It's No Wonder the Germans (and Brits) Want Electric Flagships

Steph Willems
by Steph Willems

Stately. Elegant. Dignified. Endangered?

This isn’t the first time someone has applied that final descriptor to flagship passenger cars, and with good reason. As SUVs gobble into traditional passenger car market share, sales of even the most prestigious sedans have taken a hit — leaving premium automakers wondering “what’s next?”

Well, more SUVs, for one, but also more electrification. Luxury car buyers have shown themselves to be more receptive to plug-in hybrid or fully electric vehicles, but more importantly, one pesky American automaker — Tesla — is threatening to eat everyone’s lunch.

In Europe, competition between the Old World and Silicon Valley is heating up, and the newcomer is winning the sales race.

As reported by Automotive News Europe, Tesla’s Model S sedan finished 2017 ahead of the continent’s luxury standard bearers for the very first time. Thanks to a 30-percent sales jump, Model S sales leaped ahead of flagships from the big three premium German brands.

According to JATO Dynamics data, Tesla recorded 16,132 Model S sales in the region last year. That tops Mercedes-Benz’s S-Class, which sold 13,359 units over the same period. BMW’s 7 Series sold 11,735 examples in 2017, while Audi’s A8/S8 brought up the rear with just under 6,000 deliveries.

Sales of alternative-fueled vehicles (hybrids, plug-ins and electrics) rose 46.2 percent in Europe last year, with 738,000 registrations.

It was one thing for Tesla to top sales charts in Norway, but now it’s marching into Teutonic territory and seizing it for itself. The ever-more-stringent emissions standards and proposed diesel or internal combustion bans in various European jurisdictions fails to paint a pretty picture for these flagships’ future.

While it’s a sole model battling automakers with vast stables of SUVs, the Tesla Model X SUV has already matched or outsold popular ICE-powered SUVs in the region, as well. Include the Porsche Cayenne and BMW X6 among those challengers.

Desperate times call for what?

While both Mercedes-Benz and BMW already field plug-in hybrid variants of the S-Class and 7 Series, those models alone won’t be enough to fend off Tesla, especially once it maxes out production at its Fremont, California assembly plant. Never mind once a proposed European factory opens.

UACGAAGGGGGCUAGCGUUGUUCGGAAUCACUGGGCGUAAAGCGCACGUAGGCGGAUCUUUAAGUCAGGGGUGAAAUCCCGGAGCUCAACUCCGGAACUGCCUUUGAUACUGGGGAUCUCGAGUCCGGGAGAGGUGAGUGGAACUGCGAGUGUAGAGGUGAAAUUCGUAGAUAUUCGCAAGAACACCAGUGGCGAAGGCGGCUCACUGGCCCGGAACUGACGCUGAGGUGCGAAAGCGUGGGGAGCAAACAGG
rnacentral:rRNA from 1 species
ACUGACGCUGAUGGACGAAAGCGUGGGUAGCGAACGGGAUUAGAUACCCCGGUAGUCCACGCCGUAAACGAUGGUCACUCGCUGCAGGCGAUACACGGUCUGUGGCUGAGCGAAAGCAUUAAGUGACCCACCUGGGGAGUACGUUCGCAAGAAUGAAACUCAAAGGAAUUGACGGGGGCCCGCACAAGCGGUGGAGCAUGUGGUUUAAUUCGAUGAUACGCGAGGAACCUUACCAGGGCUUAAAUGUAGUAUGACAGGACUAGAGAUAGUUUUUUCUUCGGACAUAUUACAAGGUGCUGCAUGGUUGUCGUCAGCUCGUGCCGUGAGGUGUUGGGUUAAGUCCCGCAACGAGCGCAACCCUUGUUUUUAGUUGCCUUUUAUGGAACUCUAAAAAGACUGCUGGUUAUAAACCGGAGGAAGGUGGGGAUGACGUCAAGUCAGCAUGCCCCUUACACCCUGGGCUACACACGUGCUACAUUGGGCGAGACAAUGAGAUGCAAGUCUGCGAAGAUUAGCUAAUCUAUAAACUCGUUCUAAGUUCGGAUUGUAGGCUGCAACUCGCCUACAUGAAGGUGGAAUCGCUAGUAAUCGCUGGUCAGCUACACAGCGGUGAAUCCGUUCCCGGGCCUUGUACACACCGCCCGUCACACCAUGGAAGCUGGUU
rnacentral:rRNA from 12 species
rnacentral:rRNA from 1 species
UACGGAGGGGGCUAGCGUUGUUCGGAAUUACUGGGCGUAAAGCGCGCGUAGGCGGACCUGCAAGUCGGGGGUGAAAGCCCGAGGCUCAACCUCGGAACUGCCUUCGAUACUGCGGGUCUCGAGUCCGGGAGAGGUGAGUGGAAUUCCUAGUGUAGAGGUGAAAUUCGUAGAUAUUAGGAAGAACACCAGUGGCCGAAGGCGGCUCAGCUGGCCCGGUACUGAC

The plan is to beat Tesla at its own game.

M-B plans to offer fully electric vehicles in just a couple years’ time, and there’ll be at least one SUV among the EQ-branded EVs. Bimmer plans to offer up to 25 electric or hybrid vehicles by 2025 under its “i” sub-brand. There’s also flexible platforms on the way for the coming decade, capable of handling all powertrain types, and an EV in the four-door “gran coupe” style coming in 2021.

Over at Jaguar, top brass reportedly feel the only way to keep the classic XJ model in production is by stripping it of an engine and gas tank. Audi knows brand die-hards love a nice V8, but it won’t sit on its laurels as customers increasingly turn towards green options. There’s three EVs coming by 2020.

It’s a game of technological catch-up for these storied brands, but, as Tesla has demonstrated with its Model 3 assembly issues, the old guard’s cash and production capacity might help it win the race.

[Image: Daimler AG]

Steph Willems
Steph Willems

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  • Vulpine Vulpine on Feb 21, 2018

    The coming years will be interesting to watch. Looking forward to it.

  • HotPotato HotPotato on Feb 22, 2018

    Talk, talk, talk from the established automakers. Everything and the moon is coming in 2020. No, make that 2025. Oh, did we say “electric”? We meant 48-Volt stop-start systems.

  • ToolGuy "Selling as I got a new car and don't need an extra." ...Well that depends on what new car you chose, doesn't it? 😉
  • El scotto The days of "Be American, buy America" are long gone. Then there's the mental gymnastics of "is a Subaru made in Lafayette, IN more American than something from gm or Ford made in Mexico?" Lastly, it gets down to people's wallets; something cheap on Amazon or Temu will outsell its costlier American-made item. Price not Patriotism sells most items. One caveat: any US candidate should have all of his/her goods made in the USA.
  • FreedMike Well, here's my roster of car purchases since 1981: Three VWsTwo Mazdas (one being a Mercury Tracer, full disclosure)One AudiOne FordOne BuickOne HondaOne Volvo I think I hear Lee Greenwood in the background... In all seriousness, I'd have bought more American cars had they made more of the kinds of cars I like (smaller, performance-oriented).
  • Kwik_Shift_Pro4X I'll gladly support the least "woke" and the most Japanese auto company out there.
  • Jmo2 I just got an email from the dealership where I bought my car and it looks like everything has $5k on the hood.